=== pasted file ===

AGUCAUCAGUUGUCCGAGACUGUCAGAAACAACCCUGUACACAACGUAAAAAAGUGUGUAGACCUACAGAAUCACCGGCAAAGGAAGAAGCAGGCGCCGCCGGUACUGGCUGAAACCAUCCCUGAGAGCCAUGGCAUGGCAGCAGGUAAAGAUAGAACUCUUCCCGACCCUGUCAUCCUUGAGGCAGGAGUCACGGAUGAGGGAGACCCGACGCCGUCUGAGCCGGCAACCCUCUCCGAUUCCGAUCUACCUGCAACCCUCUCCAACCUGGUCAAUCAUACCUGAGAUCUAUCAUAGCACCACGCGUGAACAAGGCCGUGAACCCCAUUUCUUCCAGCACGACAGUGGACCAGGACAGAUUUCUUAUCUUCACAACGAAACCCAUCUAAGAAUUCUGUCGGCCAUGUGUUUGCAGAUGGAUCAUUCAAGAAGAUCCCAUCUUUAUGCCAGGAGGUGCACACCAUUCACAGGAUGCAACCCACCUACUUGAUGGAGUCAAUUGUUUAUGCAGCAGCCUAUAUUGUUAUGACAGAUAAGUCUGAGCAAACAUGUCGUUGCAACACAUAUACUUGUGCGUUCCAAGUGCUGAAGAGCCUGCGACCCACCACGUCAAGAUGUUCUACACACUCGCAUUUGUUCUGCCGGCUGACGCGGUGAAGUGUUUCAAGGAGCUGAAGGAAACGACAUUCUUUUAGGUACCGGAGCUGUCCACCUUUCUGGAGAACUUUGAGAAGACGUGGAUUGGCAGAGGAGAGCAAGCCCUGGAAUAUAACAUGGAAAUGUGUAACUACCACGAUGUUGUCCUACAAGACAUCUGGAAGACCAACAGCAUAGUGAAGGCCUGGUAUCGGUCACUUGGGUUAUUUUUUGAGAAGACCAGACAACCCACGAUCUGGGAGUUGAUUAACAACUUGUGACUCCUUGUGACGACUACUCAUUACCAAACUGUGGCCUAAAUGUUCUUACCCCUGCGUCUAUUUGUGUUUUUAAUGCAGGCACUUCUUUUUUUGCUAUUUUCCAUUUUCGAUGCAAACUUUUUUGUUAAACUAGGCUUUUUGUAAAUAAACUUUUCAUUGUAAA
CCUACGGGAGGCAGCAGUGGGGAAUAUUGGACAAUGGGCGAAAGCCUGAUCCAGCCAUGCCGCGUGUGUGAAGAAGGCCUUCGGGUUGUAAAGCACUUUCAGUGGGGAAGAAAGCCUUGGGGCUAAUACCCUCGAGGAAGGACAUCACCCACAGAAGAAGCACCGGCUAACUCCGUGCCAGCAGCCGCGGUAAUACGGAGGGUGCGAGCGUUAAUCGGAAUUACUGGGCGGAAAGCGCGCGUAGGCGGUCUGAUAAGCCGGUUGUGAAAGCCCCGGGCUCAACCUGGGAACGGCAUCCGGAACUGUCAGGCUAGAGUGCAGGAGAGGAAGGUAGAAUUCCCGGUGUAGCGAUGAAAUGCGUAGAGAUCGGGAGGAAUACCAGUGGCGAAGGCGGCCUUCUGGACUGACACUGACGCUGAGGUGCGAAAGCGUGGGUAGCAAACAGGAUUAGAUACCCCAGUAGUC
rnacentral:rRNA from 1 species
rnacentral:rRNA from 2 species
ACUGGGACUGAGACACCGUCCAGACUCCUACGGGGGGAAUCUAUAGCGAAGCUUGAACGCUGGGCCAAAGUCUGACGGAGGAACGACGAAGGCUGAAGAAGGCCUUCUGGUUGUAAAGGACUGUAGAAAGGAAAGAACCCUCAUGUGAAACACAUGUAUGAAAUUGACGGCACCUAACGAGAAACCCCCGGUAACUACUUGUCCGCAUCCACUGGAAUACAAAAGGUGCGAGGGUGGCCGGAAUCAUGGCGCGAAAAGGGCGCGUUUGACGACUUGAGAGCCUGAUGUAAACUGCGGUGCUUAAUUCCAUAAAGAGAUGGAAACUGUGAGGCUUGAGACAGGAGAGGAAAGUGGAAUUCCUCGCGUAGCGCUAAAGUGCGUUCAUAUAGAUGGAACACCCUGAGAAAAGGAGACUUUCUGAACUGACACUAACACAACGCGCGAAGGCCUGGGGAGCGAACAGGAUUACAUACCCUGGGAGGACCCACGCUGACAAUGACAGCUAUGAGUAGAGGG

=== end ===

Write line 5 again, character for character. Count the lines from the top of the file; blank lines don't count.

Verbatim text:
ACUGGGACUGAGACACCGUCCAGACUCCUACGGGGGGAAUCUAUAGCGAAGCUUGAACGCUGGGCCAAAGUCUGACGGAGGAACGACGAAGGCUGAAGAAGGCCUUCUGGUUGUAAAGGACUGUAGAAAGGAAAGAACCCUCAUGUGAAACACAUGUAUGAAAUUGACGGCACCUAACGAGAAACCCCCGGUAACUACUUGUCCGCAUCCACUGGAAUACAAAAGGUGCGAGGGUGGCCGGAAUCAUGGCGCGAAAAGGGCGCGUUUGACGACUUGAGAGCCUGAUGUAAACUGCGGUGCUUAAUUCCAUAAAGAGAUGGAAACUGUGAGGCUUGAGACAGGAGAGGAAAGUGGAAUUCCUCGCGUAGCGCUAAAGUGCGUUCAUAUAGAUGGAACACCCUGAGAAAAGGAGACUUUCUGAACUGACACUAACACAACGCGCGAAGGCCUGGGGAGCGAACAGGAUUACAUACCCUGGGAGGACCCACGCUGACAAUGACAGCUAUGAGUAGAGGG